• If you’re hosting an event, create one easily on Meetup
  • If you’re looking for speaking engagement, you’ll need to apply for an opening


17. Pitching Infographics

Infographics aggregate data into image form. They’re valuable because unlike written text content, you can reuse them over and over without facing duplication penalties.

We like to use infographics in 2 ways:

  1. Submitting them to infographic aggregation sites (view example here). This is another great way to build “pillowing” links for new sites.
  2. Pitching an infographic as a guest post.

Both methods are highly scalable as you don’t need to write a ton of new content to secure the link.

How do I find “UPDATE” opportunities?

If you’re using infographics as pillowing links…

Use search operators to find sites that accept infographic submissions.

If you’re using infographics as guest posts….

Use search operators to find websites that have posted infographics as blog posts (NOT submissions, HUGE difference).

Not everyone likes infographics (especially in the digital marketing space, they’re spammed out) so we want to target sites that have posted them in the past.

That way, we know they’re interested in that form of content and will be more likely to accept our pitch.

How do I secure the link?

For pillowing, simply follow the instructions for submission.

To submit as a guest post, you’ll need to send an outreach email to the right person.


18. Skyscraper Method

Yes, this is Brian Dean’s method…I’m shamelessly stealing it because we use it all the time for clients.

  1. Find a piece of content that has a ton of links
  2. Create a better version of it.
  3. Alert the sites linking to it that you’ve built a “better mousetrap”.

I’m using this tactic to build content on my new side project, Laces Out, and we’re killing it.

How do I find “skyscraper” opportunities?

  • Then, figure out how you can improve on that piece of content. Does it need to be updated? Can you turn it into a stunning visual piece (infographic, video)? Can you add more information (i.e. 10 Best…100 Best)?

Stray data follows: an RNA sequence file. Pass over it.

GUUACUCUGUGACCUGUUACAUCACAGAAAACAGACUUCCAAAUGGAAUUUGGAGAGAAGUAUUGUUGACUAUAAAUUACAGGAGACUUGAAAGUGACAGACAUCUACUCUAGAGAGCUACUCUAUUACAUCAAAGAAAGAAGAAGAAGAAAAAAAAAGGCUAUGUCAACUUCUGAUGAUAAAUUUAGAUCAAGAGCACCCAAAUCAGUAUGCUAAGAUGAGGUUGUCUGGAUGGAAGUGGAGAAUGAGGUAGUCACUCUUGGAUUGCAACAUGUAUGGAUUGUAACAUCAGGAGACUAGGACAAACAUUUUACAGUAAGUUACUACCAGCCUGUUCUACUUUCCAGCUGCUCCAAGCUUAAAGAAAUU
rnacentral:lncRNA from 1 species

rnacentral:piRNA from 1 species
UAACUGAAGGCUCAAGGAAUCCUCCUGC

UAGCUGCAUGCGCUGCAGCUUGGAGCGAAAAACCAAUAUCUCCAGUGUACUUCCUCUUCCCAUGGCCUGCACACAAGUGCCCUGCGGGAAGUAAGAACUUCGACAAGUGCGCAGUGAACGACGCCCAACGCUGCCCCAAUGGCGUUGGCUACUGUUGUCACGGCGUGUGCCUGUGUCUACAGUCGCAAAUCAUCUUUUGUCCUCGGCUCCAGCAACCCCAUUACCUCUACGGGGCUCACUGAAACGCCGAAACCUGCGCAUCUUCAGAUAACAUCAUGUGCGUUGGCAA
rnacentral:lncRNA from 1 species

How do I secure the link?

Once your content is created, scrape the links and contact info from all the sites linking to the original. Then, send outreach emails letting them know you have a “better mousetrap” to share with their audience.


19. Cold Blogger Outreach

There’s so many blogs on the web it’s mind numbing. Each of them represent an opportunity if you approach them the right way. 

I do a ton of cold blogger outreach, for various reasons:

a. Seeding

I’ll identify a group of writers that consistently write about the same topics as me. When I have a great post, I’ll blast off an email to them letting them know about it. The point is to get that content in their mind for coverage in the future.

This works particularly well if you publish a post that contains useful data, insights or case studies they can reference to support claims.

b. Promotion

I care about traffic more than links. I’ll often do cold outreach to people I’ve identified as influencers and offer to do a promotional exchange (I’ll Tweet this if you Tweet this).

Or, I’ll strategically link to people and ask them to promote it to help expose their link to a larger audience.

c. Link outreach

Finally, I’ll send cold emails blatantly asking for a link. I don’t do this as much anymore because it has a low success rate (and tends to piss people off).

How do I find “blogger outreach” opportunities?

As always, use search engine operators to find bloggers in specific niche.

How do I secure the link?

You’ll need to come up with a pitch depending on your goal. I use dozens – hopefully by now you get a feel for what you need to do!


Tools / Resources

  • Additional reading: Brian Dean’s Skyscraper Technique
  • Additional reading: Using Infographics for Link Building
  • Bill Widmer used this strategy to grow his site and outlines the whole process here.
  • Tool: SEM Rush – Our go to for analyzing the quality of a backlink. More than anything, we look at the traffic potential a link can drive. SEM Rush is hands down the best tool for this.
  • Tool: Check My Links – What we use to check a page for dead links (broken link building).
  • Tool: Ahrefs Content Explorer – A must to execute the skyscraper technique.
  • Tool: BuzzSumo – A must to execute the skyscraper technique.
  • Tool: Majestic SEO – Highly effective link checking tool.
  • Tool: Moz – An all around SEO tool that’s a must for anyone in the business.
  • Tool: Pitchbox – A tool that helps automate outreach and execute it at scale.
  • Tool: Mention – Track online mentions of your website, name or brand.
  • Tool: IFTTT – Track online mentions of your website, name or brand.
  • Tool: Google Sheets – Our go to project management tool. All of our link prospecting starts as a Google Sheets file.

Wrapping it up

I’ve been wanting to write this FOREVER and although it was a major pain in the ass, I finally got it done. However, this is a living list. If you’ve got any tactics you’d like me to add, leave it in the comments and I’ll attribute the tactic with a link back to your site.